On the campaign trail, are you going to emphasize aspects of your platform you may not have had to had Kasich been the nominee? Are you going to emphasize your stance on immigration? In other words, are you going to be running against Trump? No. My campaign is not going to be an extension of the Never Trump movement. I’m running for U.S. Senate. I’m running against Patty Murray. If it comes up I’ll answer it honestly. But the tone from the beginning is that Washington, D.C., is broken, Patty Murray is a big part of the problem, and I’m going to continue to talk about growing the economy, bringing down the national debt, finding a better solution than Obamacare, improving national security. I felt I had to say what I had to say [about Trump] and now we move on. If people let me.
I’m not going to let you go just yet. Columnist Leonard Pitts published a piece this weekend that basically argued the Republican Party is getting what it deserves, by playing into xenophobia, playing into racial politics. As a former GOP official, do you think there’s any validity to that? I think that’s an overreach. That’s the narrative that the left would like to use to say the Republican Party has always been rotten, and always been wrong, and now you get what you deserve with Donald Trump. I don’t believe that. The reason we’re here is that, one, Donald Trump represents a minority view of the Republican Party but one that is there; two, he’s really good at what he does and has assets; and three, there was no leadership at the top to stop him.
You say that you’re not going to vote for Trump, but that you won’t vote for Hillary Clinton either. If you truly find Trump so repugnant, it seems that by not voting for Clinton, you are still helping him get to the White House. They are equally repugnant to me. Hillary Clinton would represent the third term of Barack Obama. She has no plan to reduce the national debt. She has no plan to replace and improve Obamacare. She supports the Iran nuclear deal. She’s turned against trade, which is one of the biggest flip-flops ever. Most polls reflect this: The American people reject both options.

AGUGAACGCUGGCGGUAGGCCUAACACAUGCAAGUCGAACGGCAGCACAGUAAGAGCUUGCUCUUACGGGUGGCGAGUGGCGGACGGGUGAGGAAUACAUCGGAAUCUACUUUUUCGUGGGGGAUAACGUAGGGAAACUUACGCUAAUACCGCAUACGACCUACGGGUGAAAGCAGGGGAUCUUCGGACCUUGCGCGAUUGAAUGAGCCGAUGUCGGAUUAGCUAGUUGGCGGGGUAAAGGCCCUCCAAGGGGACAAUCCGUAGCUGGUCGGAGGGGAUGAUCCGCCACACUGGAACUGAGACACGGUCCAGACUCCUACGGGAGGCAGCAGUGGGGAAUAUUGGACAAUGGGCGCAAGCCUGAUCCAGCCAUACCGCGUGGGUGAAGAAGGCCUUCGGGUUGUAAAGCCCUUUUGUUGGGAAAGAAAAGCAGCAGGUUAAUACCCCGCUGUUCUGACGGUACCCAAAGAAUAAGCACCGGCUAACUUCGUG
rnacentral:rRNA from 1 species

Moving on to your own candidacy, you mentioned your top priorities are national defense and reducing the debt. It seems as if defense spending is where fiscal responsibility goes to die. How do you reconcile those two goals? The next president, the next Congress, need to do a thoughtful review of where we need to go with our military now. We must have the military we need to accomplish our mission, and that probably means an increase in spending. If it does, so be it. We have to spend what we have to spend to avoid World War III.
So how do you reconcile that with your stance on the debt? Defense spending makes up 16 percent of the budget. Social Security and Medicare make up 50 percent. That’s where we need to look to make the structural changes to bring down our debt. We need to raise the wage cap on the Social Security payroll tax. We need to raise the retirement age. Too many politicians lie to the American people; Bernie Sanders says we can tax our way out of the national debt. Republicans like to say we can grow our way out. Or point to waste, fraud, or abuse. No, I’m sorry, but we’re not going to get rid of $19 trillion in debt by counting paperclips at the Treasury Department. ■
Interview has been edited for length.